The NSW Minister for Sport says the business case for Hunter Park is not finished, despite a Venues NSW presentation saying it was currently being discussed within government.
In the government’s first official comment after the Herald published details and concept images of Venues NSW plans for the Broadmeadow sport and entertainment precinct, a spokesperson for Sport Minister Alister Henskens said the business case “will be considered by the Minister” when it is finalised.
It has been five-and-a-half years since the Coalition announced plans for Hunter Park, and concerns linger over whether the project will get off the ground.
The NSW government committed $6.7 million in June last year to “progress the planning” of Hunter Park through a business case.
The Herald put questions to Mr Henskens’ office this week asking if Hunter Park or a new Newcastle Entertainment Centre were something the government was keen to fund.
The response said the business case was still being prepared.
NSW Labor said it would not make a commitment until it saw the final business case.
The government’s stance is in contrast to its treatment of the Newcastle light rail, which it chose to fund without a business case.
The NSW Auditor-General found the cost of the tram was not justified by “conventional cost-benefit analysis”.
The Herald understands the cost-benefit ratio for Hunter Park is greater than one, which is considered to be the acceptable standard for a project and which shows it will return more money than it costs.
Meanwhile, the NSW government is proceeding with a $300 million rebuild of Penrith Stadium, which has been reported to have a cost-benefit ratio of less than one.
The government’s statement that the business case is incomplete appears to be at odds with the Venues NSW presentation, which said “the outcome of the Business Case is a request for investment in Newcastle Entertainment Centre and the Entertainment Quarter, which includes public realm, landscaping and internal road networks”.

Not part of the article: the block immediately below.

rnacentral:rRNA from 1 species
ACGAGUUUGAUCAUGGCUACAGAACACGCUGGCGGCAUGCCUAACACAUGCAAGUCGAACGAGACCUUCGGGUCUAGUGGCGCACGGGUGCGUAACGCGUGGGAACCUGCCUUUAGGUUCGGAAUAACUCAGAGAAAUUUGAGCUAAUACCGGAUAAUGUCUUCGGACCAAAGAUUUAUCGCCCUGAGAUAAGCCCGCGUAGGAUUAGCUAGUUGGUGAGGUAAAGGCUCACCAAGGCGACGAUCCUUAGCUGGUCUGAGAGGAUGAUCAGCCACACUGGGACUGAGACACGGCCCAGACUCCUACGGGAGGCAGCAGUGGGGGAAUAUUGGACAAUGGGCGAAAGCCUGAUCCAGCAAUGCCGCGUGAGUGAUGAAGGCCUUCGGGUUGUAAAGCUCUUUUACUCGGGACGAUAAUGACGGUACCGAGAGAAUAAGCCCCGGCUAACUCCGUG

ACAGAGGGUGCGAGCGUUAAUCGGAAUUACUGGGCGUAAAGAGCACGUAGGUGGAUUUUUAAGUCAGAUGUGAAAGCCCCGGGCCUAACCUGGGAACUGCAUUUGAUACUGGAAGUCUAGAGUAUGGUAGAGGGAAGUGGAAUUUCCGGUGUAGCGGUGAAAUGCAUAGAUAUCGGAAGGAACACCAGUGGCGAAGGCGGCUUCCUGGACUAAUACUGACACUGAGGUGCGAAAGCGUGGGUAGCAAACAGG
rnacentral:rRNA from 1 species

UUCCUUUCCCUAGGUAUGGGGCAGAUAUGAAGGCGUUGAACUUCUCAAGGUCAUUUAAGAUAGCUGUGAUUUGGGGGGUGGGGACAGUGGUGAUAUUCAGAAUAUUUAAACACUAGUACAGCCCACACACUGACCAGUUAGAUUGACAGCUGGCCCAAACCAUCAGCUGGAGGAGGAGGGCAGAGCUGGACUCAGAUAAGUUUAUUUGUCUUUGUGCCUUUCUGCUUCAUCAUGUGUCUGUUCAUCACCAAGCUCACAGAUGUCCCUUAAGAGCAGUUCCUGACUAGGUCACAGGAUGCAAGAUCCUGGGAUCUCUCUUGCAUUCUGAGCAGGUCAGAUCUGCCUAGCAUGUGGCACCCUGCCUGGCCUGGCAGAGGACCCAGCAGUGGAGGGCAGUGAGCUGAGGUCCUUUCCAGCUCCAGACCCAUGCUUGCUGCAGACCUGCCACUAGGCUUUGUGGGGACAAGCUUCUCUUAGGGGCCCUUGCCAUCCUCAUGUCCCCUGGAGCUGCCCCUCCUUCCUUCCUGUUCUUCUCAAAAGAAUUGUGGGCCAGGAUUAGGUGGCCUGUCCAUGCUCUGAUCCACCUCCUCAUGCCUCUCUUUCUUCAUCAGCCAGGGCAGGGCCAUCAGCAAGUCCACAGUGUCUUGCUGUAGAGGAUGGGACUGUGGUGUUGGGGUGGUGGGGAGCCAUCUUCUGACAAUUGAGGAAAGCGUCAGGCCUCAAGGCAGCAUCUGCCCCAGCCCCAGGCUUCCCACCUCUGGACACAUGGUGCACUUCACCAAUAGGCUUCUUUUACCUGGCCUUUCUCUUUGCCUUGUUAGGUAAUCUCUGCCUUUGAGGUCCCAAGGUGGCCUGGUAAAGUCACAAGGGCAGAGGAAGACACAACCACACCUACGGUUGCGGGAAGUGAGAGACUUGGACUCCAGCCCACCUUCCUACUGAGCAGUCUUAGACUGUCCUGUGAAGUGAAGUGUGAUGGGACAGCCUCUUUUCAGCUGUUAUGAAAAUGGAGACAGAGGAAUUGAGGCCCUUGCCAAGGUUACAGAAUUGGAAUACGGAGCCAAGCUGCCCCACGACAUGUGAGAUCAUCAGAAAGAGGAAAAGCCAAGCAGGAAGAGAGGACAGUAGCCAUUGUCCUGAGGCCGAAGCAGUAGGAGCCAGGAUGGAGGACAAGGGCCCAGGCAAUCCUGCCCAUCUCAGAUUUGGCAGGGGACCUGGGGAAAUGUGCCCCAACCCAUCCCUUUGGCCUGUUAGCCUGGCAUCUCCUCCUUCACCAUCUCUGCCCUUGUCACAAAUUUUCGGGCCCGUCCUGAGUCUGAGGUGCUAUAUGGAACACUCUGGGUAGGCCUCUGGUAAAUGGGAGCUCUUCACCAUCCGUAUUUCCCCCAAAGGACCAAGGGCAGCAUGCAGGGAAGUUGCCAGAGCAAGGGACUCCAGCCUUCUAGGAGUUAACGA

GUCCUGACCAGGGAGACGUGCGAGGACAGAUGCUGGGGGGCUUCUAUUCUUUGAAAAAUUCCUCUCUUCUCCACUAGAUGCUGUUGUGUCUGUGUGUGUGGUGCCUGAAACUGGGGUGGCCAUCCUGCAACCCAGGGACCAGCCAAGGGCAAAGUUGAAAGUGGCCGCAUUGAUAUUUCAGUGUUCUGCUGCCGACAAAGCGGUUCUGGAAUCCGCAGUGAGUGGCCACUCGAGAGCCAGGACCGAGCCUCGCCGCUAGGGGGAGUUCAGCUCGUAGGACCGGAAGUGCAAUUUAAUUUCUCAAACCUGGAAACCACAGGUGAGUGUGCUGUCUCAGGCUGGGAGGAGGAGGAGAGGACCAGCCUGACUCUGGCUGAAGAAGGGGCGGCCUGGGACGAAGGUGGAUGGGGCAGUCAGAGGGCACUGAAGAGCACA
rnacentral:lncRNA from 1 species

It goes on to say “The funding request for this business case is currently being discussed within Government to understand the capital constraints and the best path forward for the Entertainment Centre delivery.”
The Venues NSW presentation said the Hunter Park project was expected to produce $3.6 billion in economic output for the state and $3.1 billion in gross regional product.
It contains three options for a new entertainment centre, including a preferred choice based on detailed analysis of costs, benefits, financial appraisal, budget impact, program objectives and risks.
Committee for the Hunter chief executive officer Alice Thompson questioned the proposed timeframe for delivering Hunter Park, which the Venues NSW presentation says is 15 to 30 years.
“Can you imagine that being said for Sydney Olympic Park?” she said.
“It just seems to lack some of the imperative that we’ve seen from the state with developments in Sydney.”
Ms Thompson said the government had identified Hunter Park as a priority and committed resources to the master plan.
“I think we can say government is doing what they say and what we need them to,” she said.
“What we can also say, though, is we’re already five years or more into that planning and now we’re looking at a 30-year development horizon.
“Surely we can expect to see more traction on the planning and see the full vision come to life before 2050.
“We can see that the work and the thinking and the conversations are under way. That’s a good thing.
“What we’re still seeing is a distinct lack of imperative, especially compared with stadium redesigns and precincts in Sydney.”